Hawaii Congressman Mark Takai pushes to compensate military personnel exposed to radioactive soil and debris in the Marshall Islands.
From 1946 to 1958, 67 nuclear weapons were detonated in the Marshall Islands. Enewetak Atoll and Bikini Atoll took the brunt of the damage, including evaporation of entire islands, long-term contamination of the soil and the forced evacuation of the Marshallese who lived there.
Bikini and Enewetak cancer rates among many islanders are far higher than elsewhere. The U.S. government paid the survivors about $270 million for injuries and property damage, although it’s estimated that adequate compensation would exceed $2 billion.
Military veterans like Androl, however, who were assigned to Enewetak to support the cleanup of the islands, received no additional compensation from the U.S. government.
As many as 8,000 Americans may have been exposed to radiation during the cleanup from 1977 to 1980. While they were issued personal film badges and dosimeters to monitor cumulative radiation doses from ionized radiation, Androl said the detectors were often faulty — for example, when exposed to the moisture and humidity that is typical in the tropics.
The service members (mostly Army along with some Air Force and Navy) were also not issued protective body suits. Because of the weather, they typically wore only boots and socks, hats, shorts and T-shirts or no shirts at all. And yet, many of them shoveled contaminated soil that was deposited into a large concrete crater later capped by an 18-inch-thick concrete dome.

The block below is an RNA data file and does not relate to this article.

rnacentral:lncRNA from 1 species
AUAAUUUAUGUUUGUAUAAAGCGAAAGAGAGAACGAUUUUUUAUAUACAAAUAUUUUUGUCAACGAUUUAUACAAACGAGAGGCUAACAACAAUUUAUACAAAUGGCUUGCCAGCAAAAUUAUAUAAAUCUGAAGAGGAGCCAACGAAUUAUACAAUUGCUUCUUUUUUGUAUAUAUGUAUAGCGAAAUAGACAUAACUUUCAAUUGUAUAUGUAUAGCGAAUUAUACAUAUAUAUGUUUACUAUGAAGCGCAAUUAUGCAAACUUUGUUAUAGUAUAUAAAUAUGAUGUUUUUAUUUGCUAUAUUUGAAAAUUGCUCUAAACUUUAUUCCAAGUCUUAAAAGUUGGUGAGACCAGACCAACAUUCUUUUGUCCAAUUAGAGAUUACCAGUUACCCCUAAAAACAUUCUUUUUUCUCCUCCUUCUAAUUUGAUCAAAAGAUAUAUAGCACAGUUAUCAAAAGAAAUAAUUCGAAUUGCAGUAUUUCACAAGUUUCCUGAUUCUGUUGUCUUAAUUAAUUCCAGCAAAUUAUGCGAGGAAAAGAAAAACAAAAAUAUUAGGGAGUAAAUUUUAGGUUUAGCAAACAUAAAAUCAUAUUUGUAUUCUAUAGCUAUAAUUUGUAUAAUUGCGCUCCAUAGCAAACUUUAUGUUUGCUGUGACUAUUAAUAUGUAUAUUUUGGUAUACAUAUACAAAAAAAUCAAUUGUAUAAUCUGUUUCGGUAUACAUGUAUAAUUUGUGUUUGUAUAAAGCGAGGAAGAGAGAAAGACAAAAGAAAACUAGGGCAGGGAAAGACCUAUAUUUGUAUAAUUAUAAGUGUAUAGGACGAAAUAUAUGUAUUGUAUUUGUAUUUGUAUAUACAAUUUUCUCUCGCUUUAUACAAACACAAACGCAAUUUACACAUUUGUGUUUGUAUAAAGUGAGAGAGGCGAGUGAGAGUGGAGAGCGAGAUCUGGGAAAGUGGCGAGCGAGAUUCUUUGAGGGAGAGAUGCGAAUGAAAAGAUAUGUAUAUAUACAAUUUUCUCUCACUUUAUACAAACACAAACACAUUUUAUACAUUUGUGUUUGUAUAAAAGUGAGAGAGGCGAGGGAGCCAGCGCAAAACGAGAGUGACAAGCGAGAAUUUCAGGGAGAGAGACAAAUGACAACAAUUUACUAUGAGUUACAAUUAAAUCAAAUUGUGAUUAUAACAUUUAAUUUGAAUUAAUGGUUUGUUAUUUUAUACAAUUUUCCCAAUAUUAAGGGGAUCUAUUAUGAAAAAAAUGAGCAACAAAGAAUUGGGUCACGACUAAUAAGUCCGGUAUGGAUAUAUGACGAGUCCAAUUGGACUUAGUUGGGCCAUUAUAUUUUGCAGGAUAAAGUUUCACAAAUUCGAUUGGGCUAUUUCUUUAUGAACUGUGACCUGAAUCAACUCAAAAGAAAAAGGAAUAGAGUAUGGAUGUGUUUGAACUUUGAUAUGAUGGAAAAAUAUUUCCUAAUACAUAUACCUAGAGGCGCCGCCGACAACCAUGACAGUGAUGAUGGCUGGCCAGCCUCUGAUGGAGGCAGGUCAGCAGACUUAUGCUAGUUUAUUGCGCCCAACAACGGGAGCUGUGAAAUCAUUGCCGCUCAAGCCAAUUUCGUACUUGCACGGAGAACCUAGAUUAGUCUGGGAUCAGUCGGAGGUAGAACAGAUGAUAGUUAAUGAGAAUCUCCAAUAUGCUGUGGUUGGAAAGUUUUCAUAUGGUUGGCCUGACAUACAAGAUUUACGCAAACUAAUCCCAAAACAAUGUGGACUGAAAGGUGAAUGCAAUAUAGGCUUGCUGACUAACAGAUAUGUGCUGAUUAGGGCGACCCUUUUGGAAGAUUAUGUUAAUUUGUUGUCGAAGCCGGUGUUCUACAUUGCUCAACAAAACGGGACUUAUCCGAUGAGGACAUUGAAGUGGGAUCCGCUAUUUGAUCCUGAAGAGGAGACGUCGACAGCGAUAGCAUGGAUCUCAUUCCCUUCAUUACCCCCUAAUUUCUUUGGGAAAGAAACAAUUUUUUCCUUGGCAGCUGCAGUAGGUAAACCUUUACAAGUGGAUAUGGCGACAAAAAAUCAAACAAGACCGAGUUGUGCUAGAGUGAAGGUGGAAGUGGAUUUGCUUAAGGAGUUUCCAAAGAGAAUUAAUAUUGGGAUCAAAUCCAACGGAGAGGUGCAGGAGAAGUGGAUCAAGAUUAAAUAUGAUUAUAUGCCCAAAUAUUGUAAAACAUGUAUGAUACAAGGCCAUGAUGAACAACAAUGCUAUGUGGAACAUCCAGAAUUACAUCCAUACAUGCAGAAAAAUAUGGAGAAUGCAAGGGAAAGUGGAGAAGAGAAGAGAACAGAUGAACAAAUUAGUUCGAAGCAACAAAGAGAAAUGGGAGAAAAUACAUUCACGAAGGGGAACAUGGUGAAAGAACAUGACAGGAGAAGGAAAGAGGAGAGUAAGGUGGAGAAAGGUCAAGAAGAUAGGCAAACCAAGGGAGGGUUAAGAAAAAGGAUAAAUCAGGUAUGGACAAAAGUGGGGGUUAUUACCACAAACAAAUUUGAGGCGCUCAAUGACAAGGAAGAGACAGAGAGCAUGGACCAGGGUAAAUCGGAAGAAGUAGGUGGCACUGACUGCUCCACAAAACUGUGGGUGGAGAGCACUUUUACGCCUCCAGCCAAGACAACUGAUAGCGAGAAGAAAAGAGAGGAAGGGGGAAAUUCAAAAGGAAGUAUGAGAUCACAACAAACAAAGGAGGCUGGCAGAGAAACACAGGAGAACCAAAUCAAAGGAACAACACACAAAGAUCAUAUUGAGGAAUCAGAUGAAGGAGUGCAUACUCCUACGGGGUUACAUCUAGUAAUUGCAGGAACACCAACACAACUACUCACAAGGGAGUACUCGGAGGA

“We did not really know the history of Hiroshima and Nagasaki, so we didn’t know much about radiation,” said Androl. “We were young, and we believed our government.”
In November, legislation spearheaded by U.S. Rep. Mark Takai, a Hawaii Democrat and a veteran himself, was introduced to help the Enewetak survivors.
The Atomic Veterans Healthcare Parity Act calls for extending an existing law that elevated the status of care for “atomic veterans” — those who helped clean up nuclear sites in Japan and the Marshalls in the 1940s and ’50s — to include service members who participated in cleanup operations on Enewetak.
Takai’s office estimates that Enewetak cleanup veterans have a 35 percent cancer rate and are found across the U.S., including in Hawaii.
Still, veterans like Androl say it can be difficult to navigate all the requirements, especially proving that they were exposed while on the job.
Recent reports underscore that the dome and its surroundings on Enewetak remain dangerous.
For example, The Guardian reported in July that the dome, which holds 111,000 cubic yards of debris, is leaking. It also cites the World Health Organization, which said the dome was designed as a temporary fix — “a way to store contaminated material until a permanent decontamination plan was devised.”
In another report last year, by Public Radio International, visitors were monitored by the U.S. Department of Energy to determine if they were exposed to any radiation. The monitoring included urine tests. The DOE also provided face masks to “protect from the inhalation of irradiated dust particles” while a Geiger counter “would monitor for dangerous levels of radiation.”
Asked about the the “atomic veterans,” Thomas Armbruster, the U.S. ambassador to the Republic of the Marshall Islands, said via email, “I am aware of the group. I don’t have a comment on their campaign but here are a couple of things you can use if you like on Runit and the Nuclear Legacy.”
Read more at Nuclear Victims: Will We Help Vets Who Cleaned Up After Atomic Blasts?